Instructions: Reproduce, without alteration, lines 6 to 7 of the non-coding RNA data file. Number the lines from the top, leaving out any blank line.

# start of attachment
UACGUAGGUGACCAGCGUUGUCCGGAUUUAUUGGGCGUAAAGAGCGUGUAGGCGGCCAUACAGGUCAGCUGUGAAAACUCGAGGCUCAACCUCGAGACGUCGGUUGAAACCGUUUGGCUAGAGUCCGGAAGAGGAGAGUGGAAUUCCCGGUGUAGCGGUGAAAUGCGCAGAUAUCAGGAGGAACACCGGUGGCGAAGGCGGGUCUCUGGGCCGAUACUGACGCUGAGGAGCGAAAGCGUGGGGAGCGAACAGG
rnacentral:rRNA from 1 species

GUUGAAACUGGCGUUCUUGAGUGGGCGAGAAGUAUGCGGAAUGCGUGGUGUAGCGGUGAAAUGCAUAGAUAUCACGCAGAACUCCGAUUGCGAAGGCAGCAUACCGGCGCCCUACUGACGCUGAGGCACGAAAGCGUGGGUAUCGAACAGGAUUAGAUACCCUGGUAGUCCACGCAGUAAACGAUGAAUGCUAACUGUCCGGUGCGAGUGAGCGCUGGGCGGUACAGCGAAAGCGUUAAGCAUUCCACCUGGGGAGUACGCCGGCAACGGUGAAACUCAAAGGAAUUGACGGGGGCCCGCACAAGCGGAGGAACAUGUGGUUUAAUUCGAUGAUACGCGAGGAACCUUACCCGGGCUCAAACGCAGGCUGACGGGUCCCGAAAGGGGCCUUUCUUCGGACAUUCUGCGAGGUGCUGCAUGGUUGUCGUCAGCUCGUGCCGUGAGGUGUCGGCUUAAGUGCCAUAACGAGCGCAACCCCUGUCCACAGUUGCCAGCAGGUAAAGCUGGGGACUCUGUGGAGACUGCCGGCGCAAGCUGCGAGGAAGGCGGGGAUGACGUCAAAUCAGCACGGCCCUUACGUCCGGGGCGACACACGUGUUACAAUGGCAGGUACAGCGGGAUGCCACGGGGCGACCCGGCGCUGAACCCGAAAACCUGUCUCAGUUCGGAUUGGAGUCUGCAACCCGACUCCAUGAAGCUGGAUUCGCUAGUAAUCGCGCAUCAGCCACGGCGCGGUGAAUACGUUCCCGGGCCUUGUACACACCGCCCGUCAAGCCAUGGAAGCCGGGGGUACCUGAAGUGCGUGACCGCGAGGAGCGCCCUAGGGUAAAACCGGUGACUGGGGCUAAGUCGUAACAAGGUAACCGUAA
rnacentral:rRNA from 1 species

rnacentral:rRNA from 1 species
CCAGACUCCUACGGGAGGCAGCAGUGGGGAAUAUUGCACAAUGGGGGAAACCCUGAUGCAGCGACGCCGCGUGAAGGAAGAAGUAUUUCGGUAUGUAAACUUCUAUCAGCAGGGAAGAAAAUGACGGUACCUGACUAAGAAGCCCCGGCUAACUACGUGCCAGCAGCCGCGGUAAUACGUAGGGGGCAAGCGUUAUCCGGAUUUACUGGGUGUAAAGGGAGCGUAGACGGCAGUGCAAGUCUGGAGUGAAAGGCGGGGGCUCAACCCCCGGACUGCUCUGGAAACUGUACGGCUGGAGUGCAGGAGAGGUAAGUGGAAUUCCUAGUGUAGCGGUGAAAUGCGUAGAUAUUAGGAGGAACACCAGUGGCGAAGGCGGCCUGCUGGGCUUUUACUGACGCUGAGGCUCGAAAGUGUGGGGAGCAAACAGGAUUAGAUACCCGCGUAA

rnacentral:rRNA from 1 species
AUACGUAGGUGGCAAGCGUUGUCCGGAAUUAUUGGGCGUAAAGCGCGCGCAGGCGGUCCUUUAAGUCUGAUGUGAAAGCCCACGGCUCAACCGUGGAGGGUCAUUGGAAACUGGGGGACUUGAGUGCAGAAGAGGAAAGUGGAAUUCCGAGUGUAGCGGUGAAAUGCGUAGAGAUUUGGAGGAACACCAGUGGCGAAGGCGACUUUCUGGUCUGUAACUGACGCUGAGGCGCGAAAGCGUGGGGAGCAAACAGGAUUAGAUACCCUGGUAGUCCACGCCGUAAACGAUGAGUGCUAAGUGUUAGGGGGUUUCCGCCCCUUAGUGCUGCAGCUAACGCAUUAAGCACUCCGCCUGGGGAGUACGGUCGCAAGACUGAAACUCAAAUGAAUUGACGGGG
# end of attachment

CCAGACUCCUACGGGAGGCAGCAGUGGGGAAUAUUGCACAAUGGGGGAAACCCUGAUGCAGCGACGCCGCGUGAAGGAAGAAGUAUUUCGGUAUGUAAACUUCUAUCAGCAGGGAAGAAAAUGACGGUACCUGACUAAGAAGCCCCGGCUAACUACGUGCCAGCAGCCGCGGUAAUACGUAGGGGGCAAGCGUUAUCCGGAUUUACUGGGUGUAAAGGGAGCGUAGACGGCAGUGCAAGUCUGGAGUGAAAGGCGGGGGCUCAACCCCCGGACUGCUCUGGAAACUGUACGGCUGGAGUGCAGGAGAGGUAAGUGGAAUUCCUAGUGUAGCGGUGAAAUGCGUAGAUAUUAGGAGGAACACCAGUGGCGAAGGCGGCCUGCUGGGCUUUUACUGACGCUGAGGCUCGAAAGUGUGGGGAGCAAACAGGAUUAGAUACCCGCGUAA

rnacentral:rRNA from 1 species